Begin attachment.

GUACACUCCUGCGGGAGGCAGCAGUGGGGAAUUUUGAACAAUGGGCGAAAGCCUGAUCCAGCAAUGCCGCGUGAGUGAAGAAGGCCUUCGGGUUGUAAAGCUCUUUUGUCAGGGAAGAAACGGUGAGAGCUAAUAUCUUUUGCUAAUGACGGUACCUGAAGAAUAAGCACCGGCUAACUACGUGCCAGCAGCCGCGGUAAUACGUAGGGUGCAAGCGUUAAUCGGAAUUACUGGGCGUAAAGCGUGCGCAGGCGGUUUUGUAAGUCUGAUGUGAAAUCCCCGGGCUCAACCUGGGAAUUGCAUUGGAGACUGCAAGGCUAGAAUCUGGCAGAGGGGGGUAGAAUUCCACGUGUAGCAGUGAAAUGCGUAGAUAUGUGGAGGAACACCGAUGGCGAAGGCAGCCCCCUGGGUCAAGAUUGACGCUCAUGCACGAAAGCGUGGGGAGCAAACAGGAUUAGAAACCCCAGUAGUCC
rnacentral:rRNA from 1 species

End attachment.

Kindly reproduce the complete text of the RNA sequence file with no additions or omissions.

GUACACUCCUGCGGGAGGCAGCAGUGGGGAAUUUUGAACAAUGGGCGAAAGCCUGAUCCAGCAAUGCCGCGUGAGUGAAGAAGGCCUUCGGGUUGUAAAGCUCUUUUGUCAGGGAAGAAACGGUGAGAGCUAAUAUCUUUUGCUAAUGACGGUACCUGAAGAAUAAGCACCGGCUAACUACGUGCCAGCAGCCGCGGUAAUACGUAGGGUGCAAGCGUUAAUCGGAAUUACUGGGCGUAAAGCGUGCGCAGGCGGUUUUGUAAGUCUGAUGUGAAAUCCCCGGGCUCAACCUGGGAAUUGCAUUGGAGACUGCAAGGCUAGAAUCUGGCAGAGGGGGGUAGAAUUCCACGUGUAGCAGUGAAAUGCGUAGAUAUGUGGAGGAACACCGAUGGCGAAGGCAGCCCCCUGGGUCAAGAUUGACGCUCAUGCACGAAAGCGUGGGGAGCAAACAGGAUUAGAAACCCCAGUAGUCC
rnacentral:rRNA from 1 species